Are Dietary Patterns Linked to Survival in Patients With Colorectal Cancer?
Posted: Wednesday, December 19, 2018
Diets with more plant- and less animal-based foods, with more fiber and less added sugar, before and after diagnosis of colorectal cancer may be associated with longer survival, concluded Mark A. Guinter, PhD, MPH, of the American Cancer Society (ACS), and colleagues. These investigators analyzed a sector of the large Cancer Prevention Study-II Nutrition Cohort, followed for more than 20 years, and their findings were reported in the Journal of Clinical Oncology.
The prospective study evaluated the association of diet quality both prediagnosis and postdiagnosis with the risk of mortality. The investigators centered on data from 2,801 individuals included in the cohort who were cancer-free at baseline (1992–1993) but developed invasive, nonmetastatic colorectal cancer between then and June 2013.
Four patient dietary patterns were compared. The first one was the Western diet, which is characterized “by high intake of refined grains, red and processed meats, eggs, solid fats, and salty snacks,” the team stated. The other three included the ACS nutrition guidelines, DASH (Dietary Approaches to Stop Hypertension) score, and prudent pattern score; they all emphasize fruits, vegetables, whole versus processed grains, and lower-fat sources of protein.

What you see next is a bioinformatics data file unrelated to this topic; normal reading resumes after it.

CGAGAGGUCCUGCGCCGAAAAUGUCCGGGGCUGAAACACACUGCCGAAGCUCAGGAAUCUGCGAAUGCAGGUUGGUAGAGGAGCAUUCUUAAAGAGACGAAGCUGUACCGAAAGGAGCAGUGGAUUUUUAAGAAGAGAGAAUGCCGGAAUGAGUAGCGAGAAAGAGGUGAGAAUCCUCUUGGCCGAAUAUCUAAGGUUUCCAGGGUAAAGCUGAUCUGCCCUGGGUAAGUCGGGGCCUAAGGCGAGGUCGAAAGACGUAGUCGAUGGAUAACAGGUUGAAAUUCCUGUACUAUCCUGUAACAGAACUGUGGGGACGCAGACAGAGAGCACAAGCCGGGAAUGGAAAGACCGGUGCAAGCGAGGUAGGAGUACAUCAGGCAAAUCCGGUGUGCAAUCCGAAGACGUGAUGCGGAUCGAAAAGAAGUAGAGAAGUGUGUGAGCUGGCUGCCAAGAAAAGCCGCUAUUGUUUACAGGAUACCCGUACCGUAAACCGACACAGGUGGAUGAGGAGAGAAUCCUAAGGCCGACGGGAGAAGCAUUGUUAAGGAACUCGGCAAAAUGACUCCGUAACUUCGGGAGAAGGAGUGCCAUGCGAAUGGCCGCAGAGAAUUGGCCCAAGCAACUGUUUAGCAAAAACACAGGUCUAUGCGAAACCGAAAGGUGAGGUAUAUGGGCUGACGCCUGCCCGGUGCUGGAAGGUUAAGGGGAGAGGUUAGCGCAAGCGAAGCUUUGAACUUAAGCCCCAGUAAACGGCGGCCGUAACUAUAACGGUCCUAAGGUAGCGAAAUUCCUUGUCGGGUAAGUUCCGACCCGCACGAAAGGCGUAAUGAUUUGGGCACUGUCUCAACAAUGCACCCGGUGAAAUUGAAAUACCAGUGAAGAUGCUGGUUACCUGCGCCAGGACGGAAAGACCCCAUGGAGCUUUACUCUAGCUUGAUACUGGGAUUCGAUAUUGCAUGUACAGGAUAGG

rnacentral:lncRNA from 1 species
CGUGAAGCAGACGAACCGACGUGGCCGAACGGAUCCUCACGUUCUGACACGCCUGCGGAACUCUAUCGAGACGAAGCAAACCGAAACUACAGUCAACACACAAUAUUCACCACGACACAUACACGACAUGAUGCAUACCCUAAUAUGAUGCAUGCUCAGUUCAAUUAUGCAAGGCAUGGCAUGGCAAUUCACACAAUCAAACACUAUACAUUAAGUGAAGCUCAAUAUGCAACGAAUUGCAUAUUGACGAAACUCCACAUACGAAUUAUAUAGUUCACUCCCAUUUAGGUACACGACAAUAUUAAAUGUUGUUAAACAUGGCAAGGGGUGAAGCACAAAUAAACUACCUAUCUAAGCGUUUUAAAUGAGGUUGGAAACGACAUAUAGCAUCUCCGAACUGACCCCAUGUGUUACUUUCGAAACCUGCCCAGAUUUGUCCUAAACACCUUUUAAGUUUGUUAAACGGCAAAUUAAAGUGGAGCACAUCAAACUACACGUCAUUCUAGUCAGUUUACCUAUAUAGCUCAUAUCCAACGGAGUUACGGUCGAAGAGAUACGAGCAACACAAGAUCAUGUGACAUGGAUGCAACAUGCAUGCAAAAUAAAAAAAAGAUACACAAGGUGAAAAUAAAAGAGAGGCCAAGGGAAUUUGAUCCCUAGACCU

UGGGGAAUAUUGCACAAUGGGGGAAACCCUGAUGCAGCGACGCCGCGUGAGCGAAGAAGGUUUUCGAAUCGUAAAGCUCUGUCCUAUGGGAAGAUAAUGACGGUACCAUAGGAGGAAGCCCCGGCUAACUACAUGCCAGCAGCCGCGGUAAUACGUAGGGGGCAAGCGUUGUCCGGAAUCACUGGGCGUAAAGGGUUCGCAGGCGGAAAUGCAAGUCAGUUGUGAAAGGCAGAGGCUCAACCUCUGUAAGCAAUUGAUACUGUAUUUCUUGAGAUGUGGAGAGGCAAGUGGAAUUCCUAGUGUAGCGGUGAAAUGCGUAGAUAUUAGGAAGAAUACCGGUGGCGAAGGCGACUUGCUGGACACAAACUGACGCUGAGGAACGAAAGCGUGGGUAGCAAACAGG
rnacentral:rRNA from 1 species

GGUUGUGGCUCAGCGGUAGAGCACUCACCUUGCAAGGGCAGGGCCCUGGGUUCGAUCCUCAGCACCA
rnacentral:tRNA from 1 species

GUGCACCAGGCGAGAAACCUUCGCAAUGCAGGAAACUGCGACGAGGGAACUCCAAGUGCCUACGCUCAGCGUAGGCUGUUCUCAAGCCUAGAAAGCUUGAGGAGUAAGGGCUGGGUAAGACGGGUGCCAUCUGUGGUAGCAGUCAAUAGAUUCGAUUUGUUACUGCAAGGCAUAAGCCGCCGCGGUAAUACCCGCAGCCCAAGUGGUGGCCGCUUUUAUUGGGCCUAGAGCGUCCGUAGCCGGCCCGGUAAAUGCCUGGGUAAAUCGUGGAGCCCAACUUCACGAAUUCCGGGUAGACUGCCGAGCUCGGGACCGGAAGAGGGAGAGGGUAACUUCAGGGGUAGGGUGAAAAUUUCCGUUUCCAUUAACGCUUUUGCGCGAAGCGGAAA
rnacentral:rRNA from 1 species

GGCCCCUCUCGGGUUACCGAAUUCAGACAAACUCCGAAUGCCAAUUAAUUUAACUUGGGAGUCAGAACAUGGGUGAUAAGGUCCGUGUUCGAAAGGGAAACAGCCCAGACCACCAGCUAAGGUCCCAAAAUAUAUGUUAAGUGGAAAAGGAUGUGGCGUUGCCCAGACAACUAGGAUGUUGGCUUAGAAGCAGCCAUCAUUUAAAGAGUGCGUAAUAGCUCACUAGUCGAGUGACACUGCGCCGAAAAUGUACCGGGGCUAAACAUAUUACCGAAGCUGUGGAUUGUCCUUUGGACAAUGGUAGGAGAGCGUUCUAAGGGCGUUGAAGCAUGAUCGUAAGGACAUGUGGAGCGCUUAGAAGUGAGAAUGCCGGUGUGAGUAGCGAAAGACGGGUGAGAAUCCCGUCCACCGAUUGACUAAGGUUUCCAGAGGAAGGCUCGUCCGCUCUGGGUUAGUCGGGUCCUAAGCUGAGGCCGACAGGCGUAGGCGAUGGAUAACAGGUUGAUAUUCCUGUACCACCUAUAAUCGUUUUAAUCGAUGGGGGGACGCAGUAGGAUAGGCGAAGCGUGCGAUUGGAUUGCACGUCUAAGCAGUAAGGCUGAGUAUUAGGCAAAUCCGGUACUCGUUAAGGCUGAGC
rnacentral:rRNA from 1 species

The postdiagnosis patients with colorectal cancer who most closely followed ACS-recommended dietary guidelines had “a 65% lower risk of [colorectal cancer] mortality and a 41% lower risk of mortality as a result of all other remaining causes combined,” compared with those who followed the ACS guidelines the least. Additionally, “for the highest quartile of prediagnosis [patients who followed the] Western dietary pattern, there was a 30% higher risk of death compared with the lowest quartile.”
“Consistently observed inverse associations suggest that prognosis may improve with better postdiagnosis diet, even when prediagnosis diet quality was relatively low,” Dr. Guinter and colleagues noted.